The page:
Australian Community Media executive chairman and Prime Media shareholder Antony Catalano has confirmed he will vote against Seven West Media's proposal to swallow its regional TV affiliate.
Mr Catalano, who has a stake of more than 14 per cent in Prime with fellow ACM owner Alex Waislitz's Thorney Investment Group, issued a statement on Monday as WIN Corporation chairman Bruce Gordon, who holds more than 11 per cent of Prime, announced that he had also rejected Seven's $64million takeover.
"The decision by the Prime board to offer a special three cent, fully franked dividend does not change our view that the bid price by Seven West Media continues to represent unfair value for shareholders," Mr Catalano said.
"As a result, we intend to vote against the scheme of arrangement."
Seven's bid needs the support of 50 per cent of Prime shareholders and 75 per cent of votes cast at a meeting on December 19.
Regional publisher ACM is the owner of The Canberra Times, and operates more than 160 other newspapers and websites, including the Newcastle Herald, The Border Mail, Bendigo Advertiser and The Examiner in Tasmania.
Mr Catalano said that when he and Mr Waislitz bought ACM from Nine Entertainment Co, they stated publicly that their intention was to build Australia's largest regional multi-media business.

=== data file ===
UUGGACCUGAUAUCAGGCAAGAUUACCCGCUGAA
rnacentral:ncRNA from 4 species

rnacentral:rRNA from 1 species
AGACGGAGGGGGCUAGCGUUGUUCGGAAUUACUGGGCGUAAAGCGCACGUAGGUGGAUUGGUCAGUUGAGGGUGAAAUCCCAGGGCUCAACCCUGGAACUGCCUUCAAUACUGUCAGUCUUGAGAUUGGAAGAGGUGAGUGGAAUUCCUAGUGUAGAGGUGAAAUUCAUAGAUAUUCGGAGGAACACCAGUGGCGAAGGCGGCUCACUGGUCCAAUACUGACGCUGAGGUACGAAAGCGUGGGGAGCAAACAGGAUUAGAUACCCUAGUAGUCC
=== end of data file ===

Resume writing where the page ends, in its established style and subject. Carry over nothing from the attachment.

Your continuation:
"Prime Media was always part of our strategic focus and our interest in the business was made clear to Prime and Seven West earlier this year," he said. "We believe the long-term future for Prime is to work with other regional media companies to achieve operational efficiencies that create more sustainable businesses so we can each better serve our regional audiences who represent 36 per cent of all Australians."
Urgent regulatory change was required to ensure regional Australians had continued access to local news.
"ACM and Prime Media largely operate in the same areas and it is our strong view that we can work with management to achieve operational synergies," Mr Catalano said.
"If the government takes the necessary steps to change legislation and the logical step of including Facebook in the voices test, it can take credit for providing a landscape where regional media companies can once again thrive and where regional Australians have access to intelligent, compelling and informative news coverage of the issues affecting their lives."
WIN's Mr Gordon described the media ownership legislation as "out of date".
The Sydney Morning Herald reported Prime chairman John Hartigan as describing the opposition of Mr Catalano and Mr Gordon as "not ideal" given the pace of regulatory reform.
"Anyone who has been around the blocks of Canberra particularly when it comes to media regulation knows it's a slow-moving animal," Mr Hartigan said.